Morocco’s imperial cities—Marrakesh, Fes, Meknes—conjure up images of silk-clad sultans, trickling fountains in palace gardens, mud-brick marketplaces full of spices, leather and all the exotic goods of Africa…and with good reason.
Each of these cities has served as the capital of Moroccan empires; kingdoms stretching down into the Sahara as far as Timbuktu and up across Spain to the Pyrenees. Rabat may be Morocco’s political capital today and Casablanca its commercial center, but these older seats of empire are the country’s soul and together they form the heart of its thriving year-round tourist business.
Superficially, Marrakesh, Meknes and Fes resemble each other with their thousand year-old ramparts encircling a warren-like maze of tiny medieval lanes. Each city has a busy souk full of artisans tapping away at copper and silver while merchants arrange their wares on open stalls. But if you scratch the surface each city has its own personality.
The biggest, noisiest, and brashest of them all is Marrakesh. Its main square of Djemaa el Fna is a perpetual carnival where jugglers, acrobats, soothsayers, snake charmers and colorfully dressed water-sellers with shiny brass cups vie for the tourist’s loose change.
Penetrating the souk means finding your way along narrow, dark passageways, dodging donkeys, carts and motorbikes. It’s easy to become hopelessly lost, among the leatherwork, hooded Moroccan coats and intricately embroidered tablecloths and blouses from the Berber tribes of the Atlas Mountains. But the shopkeepers will always point you in the right direction.
Local mosques are generally off-limits to non-muslims who may squint inside from the door but go no further. Open to all, however, and well worth visiting, is the Medersa Ben Youssef, a well-preserved 16th-century Koranic school at the north end of the souk, where you can see the students’ monkish cells built around elaborately decorated courtyards.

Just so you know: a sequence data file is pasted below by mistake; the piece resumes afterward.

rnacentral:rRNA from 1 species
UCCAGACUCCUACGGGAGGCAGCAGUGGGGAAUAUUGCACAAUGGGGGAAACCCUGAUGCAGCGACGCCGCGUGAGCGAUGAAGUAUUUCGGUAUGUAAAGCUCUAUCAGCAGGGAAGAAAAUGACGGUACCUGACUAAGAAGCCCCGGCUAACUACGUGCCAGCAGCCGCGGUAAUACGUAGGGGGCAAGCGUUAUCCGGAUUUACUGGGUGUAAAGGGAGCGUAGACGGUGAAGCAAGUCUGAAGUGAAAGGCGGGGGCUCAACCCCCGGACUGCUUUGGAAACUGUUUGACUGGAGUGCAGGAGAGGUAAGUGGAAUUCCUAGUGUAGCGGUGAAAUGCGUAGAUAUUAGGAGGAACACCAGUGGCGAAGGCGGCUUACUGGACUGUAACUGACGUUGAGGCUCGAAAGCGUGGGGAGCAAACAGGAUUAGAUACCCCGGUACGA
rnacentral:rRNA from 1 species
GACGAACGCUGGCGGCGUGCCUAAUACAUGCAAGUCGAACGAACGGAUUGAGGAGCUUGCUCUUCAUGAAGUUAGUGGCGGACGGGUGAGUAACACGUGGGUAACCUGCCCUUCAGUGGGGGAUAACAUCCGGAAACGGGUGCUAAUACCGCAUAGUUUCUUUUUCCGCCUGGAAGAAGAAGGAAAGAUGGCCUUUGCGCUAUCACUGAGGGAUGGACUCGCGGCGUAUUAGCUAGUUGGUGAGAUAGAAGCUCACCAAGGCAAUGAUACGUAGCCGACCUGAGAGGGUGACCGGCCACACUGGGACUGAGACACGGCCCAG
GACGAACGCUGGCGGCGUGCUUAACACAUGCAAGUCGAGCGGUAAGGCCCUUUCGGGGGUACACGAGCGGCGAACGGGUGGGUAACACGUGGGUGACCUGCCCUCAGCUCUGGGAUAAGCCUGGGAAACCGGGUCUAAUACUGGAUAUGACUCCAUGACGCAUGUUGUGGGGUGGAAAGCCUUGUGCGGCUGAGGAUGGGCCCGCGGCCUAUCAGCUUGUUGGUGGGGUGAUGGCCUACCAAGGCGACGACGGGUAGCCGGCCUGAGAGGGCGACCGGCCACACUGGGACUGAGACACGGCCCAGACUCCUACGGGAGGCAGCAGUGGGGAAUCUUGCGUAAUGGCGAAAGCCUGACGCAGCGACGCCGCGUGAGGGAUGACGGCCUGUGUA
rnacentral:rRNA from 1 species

In all three cities you should avoid hotels and stay in Riads. With no more than five or six rooms on offer, these old Arab houses offer an oasis of comfort, peace and privacy. They are cheap too and you can stay in one for around $60.
A first-class ticket on Morocco’s comfortable railway costs $33 and offers the best way of traveling from Marrakesh to Meknes. Here the pace of life slows and the noise abates. The souk here is less of a tourist trap and more of a real market meeting local needs.
From 1673 to 1727 a paranoid Sultan called Moulay Ismail governed the Moroccan Empire from Meknes. He encased the city in 25 miles of stone walls, built an enormous reservoir and granaries big enough to hold two decades worth of grain supplies. They stand dark and empty today but are worth visiting for their sheer size.
For fun you can test yourself on the Royal Golf Course built by the last Sultan of Morocco in his palace gardens and recently opened to the public. The course is arranged around an artificial lake tastelessly decorated with giant golf-balls and tended by an enormous number of gardeners, although players seem scarce.
A half-hour taxi trip out of town the ruined Roman city of Volubilis is where Cleopatra’s daughter by Marc Anthony, Cleopatra Selene, once ruled. The city’s lucrative contract to supply big game for gladiator fights at the Coliseum in Rome is one of the reasons there aren’t any lions, bears, giraffes, and elephants in North Africa today.
From Meknes, the old, walled city of Fes is less than an hour away by train or taxi. On a steep-sided hill, its impenetrable warren of narrow, twisting alleyways carefully designed to baffle an invading army are guaranteed to make a friendly tourist feel lost forever. But you can hire a guide from the hotel or the tourist office for a few dollars.
Your guide will give you little sprigs of mint to hold to your nose on a terrace high above the foul-smelling tannery where leather skins are dipped in big open air vats of dye. And you’ll see the weaving sheds where an unusual cactus is transformed into a silk-like substitute and woven into gorgeous bedspreads and scarves.
You will also see the little you are allowed to of Kairaouine University, a center of higher learning that flourished here in the 10th-century — long before Oxford, the Sorbonne or Bologna Universities existed. What remains is in a mosque and can only be glimpsed from the door. But its famous alumnae include Averroes, Maimonides, and a French monk who later become Pope Sylvester II and introduced Arab numerals in place of cumbersome Roman ones—spare him a thought next time you do a sum.
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